Millions of barrels of oil are produced daily from U.S. shale reservoirs. Yet this quantity is small in comparison to the actual amount of oil locked away in these subsurface rocks. The oil and gas industry has put fiber-optic sensing cables downhole to better understand hydraulic fracture results and why stimulation and production processes don’t free the trapped oil at expected rates.
Unfortunately, the streams of information received from these sensors are massive and hard to sort through. A multidisciplinary team, including researchers at Texas A&M University and a faculty member from the Colorado School of Mines, has created an algorithm to clean up the subsurface data from fracturing efforts and offer a clear view of how and where these processes succeeded and failed in shale reservoir rocks.
“Our quantitative characterization retrieves more information about fracture geometries within a reservoir than a simple qualitative analysis would,” said Kan Wu, associate professor and Chevron Corporation Faculty Fellow in the Harold Vance Department of Petroleum Engineering. “We’ve tested our algorithm and already applied it in the field.”
The results were published Nov. 11 in the Society of Petroleum Engineers’ SPE Production & Operations journal.
Traditional data interpretation methods, though helpful to engineers, are based strictly on qualitative information or probabilities based on patterns of information. In contrast, the algorithm was developed to gather quantitative data that’s countable, like temperature, pressure or rock deformation changes within a reservoir. It recognizes the outcomes that occurred to create the changes and accurately models how far and fast the fractures traveled, what directions they went and how big they became.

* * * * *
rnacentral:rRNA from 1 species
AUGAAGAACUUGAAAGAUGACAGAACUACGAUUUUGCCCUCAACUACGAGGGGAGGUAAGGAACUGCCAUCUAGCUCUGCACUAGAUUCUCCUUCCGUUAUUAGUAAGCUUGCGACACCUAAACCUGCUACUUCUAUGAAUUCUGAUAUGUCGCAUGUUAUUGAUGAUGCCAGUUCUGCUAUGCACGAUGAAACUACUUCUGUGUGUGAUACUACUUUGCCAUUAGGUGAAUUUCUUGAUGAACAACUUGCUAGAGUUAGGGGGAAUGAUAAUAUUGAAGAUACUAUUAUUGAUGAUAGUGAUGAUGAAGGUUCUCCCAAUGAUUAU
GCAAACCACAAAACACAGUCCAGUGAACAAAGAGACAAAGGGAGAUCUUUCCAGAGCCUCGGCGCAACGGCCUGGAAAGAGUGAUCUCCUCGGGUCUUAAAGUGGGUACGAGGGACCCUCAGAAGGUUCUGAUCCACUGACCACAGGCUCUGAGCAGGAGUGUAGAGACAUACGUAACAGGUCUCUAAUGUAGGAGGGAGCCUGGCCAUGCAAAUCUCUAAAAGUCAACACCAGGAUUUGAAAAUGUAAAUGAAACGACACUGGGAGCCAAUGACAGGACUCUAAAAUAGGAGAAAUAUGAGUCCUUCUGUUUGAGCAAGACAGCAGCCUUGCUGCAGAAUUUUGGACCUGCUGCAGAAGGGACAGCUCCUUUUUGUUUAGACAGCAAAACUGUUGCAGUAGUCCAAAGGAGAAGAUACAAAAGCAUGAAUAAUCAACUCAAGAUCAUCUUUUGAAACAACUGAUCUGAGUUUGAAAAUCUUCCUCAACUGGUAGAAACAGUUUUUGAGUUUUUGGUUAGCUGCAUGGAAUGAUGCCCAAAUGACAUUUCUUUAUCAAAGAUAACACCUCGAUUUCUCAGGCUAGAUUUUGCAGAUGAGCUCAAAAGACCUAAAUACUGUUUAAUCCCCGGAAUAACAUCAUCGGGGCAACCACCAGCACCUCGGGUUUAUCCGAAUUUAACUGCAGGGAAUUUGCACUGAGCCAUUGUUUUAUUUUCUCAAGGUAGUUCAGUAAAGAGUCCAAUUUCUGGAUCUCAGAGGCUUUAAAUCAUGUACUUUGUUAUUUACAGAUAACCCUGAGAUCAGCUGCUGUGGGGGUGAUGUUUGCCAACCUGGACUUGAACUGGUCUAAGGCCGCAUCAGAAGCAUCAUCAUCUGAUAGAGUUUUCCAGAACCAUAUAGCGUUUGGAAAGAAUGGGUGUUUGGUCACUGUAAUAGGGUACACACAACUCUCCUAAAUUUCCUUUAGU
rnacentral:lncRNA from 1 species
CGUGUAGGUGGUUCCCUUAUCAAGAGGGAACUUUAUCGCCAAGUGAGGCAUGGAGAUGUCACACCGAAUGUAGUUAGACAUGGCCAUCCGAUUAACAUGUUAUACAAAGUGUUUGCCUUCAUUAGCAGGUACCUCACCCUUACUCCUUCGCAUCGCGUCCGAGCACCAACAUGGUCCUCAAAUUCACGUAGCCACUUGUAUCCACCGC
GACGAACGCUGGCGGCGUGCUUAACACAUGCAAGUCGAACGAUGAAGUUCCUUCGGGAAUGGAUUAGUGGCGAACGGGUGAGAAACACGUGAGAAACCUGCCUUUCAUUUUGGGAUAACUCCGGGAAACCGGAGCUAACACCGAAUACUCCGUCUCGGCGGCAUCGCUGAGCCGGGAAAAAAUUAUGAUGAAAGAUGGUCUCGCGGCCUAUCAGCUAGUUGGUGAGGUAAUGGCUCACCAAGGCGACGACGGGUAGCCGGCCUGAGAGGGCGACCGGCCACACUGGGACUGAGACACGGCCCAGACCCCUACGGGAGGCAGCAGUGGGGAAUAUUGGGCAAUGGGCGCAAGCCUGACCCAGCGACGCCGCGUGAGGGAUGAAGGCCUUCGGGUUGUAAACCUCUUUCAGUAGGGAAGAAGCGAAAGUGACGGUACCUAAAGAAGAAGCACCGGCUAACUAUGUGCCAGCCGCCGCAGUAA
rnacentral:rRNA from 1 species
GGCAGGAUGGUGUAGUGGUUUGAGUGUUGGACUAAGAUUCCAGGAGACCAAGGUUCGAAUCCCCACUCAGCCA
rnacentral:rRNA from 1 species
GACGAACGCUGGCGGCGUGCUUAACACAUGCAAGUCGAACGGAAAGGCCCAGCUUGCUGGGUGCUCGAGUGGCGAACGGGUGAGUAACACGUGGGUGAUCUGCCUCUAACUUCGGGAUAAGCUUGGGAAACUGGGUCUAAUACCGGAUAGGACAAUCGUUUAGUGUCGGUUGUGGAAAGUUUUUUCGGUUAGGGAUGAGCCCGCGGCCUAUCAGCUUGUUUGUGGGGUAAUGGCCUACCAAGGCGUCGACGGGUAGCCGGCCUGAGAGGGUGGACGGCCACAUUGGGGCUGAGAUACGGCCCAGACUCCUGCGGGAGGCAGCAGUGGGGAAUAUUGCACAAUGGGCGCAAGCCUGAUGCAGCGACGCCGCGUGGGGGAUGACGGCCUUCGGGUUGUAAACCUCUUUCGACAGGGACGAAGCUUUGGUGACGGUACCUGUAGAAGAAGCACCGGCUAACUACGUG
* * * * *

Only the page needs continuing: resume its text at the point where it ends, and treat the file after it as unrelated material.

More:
Low-frequency distributed acoustic sensing (DAS) data gathering has only been around for five years, so not all information received from the wells with fiber optics has been fully deciphered. Also, each well has its own range of characteristics due to the enormous variations of subsurface structures. This complexity is why Wu and her colleagues, fellow faculty member George Moridis, professor and Robert L. Whiting Chair, and Ge Jin, assistant professor of geophysics at Mines, needed a considerable amount of time to meticulously develop their algorithm.
First, the researchers tested the algorithm’s ability to clean the data and interpret simple streams from known fracture processes. That way they could backtrack or reverse the information to find the starting point of a fracture’s growth. As the algorithm was expanded to understand more complex information, they improved its ability to think in a forward manner and predict how new and complex fractures initiate and grow.
Wu is an expert in rock mechanics, Jin an expert in geophysics and DAS technology, and Moridis is an expert in advanced numerical methods and high-performance computing of coupled processes. Because of the multidisciplinary backgrounds of the project team, the algorithm possesses incredible flexibility to grow and adapt to the type of data it receives. For instance, Yongzan Liu, the graduate student on the project for over two years, is now a postdoc researcher using similar methods and modeling on fiber-optic data from hydrate-bearing sediments to monitor natural gas production for the Lawrence Berkeley National Laboratory.
Liu, Wu, Moridis and Jin are the first to develop this type of algorithm and publish results. The goal of their research is to eventually automate the algorithm so that feedback from fracturing events happens in near real time on a drill site. This way, engineers can quickly tailor fracture design efforts to each well’s particular composition.
“The industry needs this type of tool to understand fracture geometry and to monitor fracture propagation,” said Wu. “The more efficient it becomes, the better it will help optimize hydraulic fracture and completion designs and maximize well production.”
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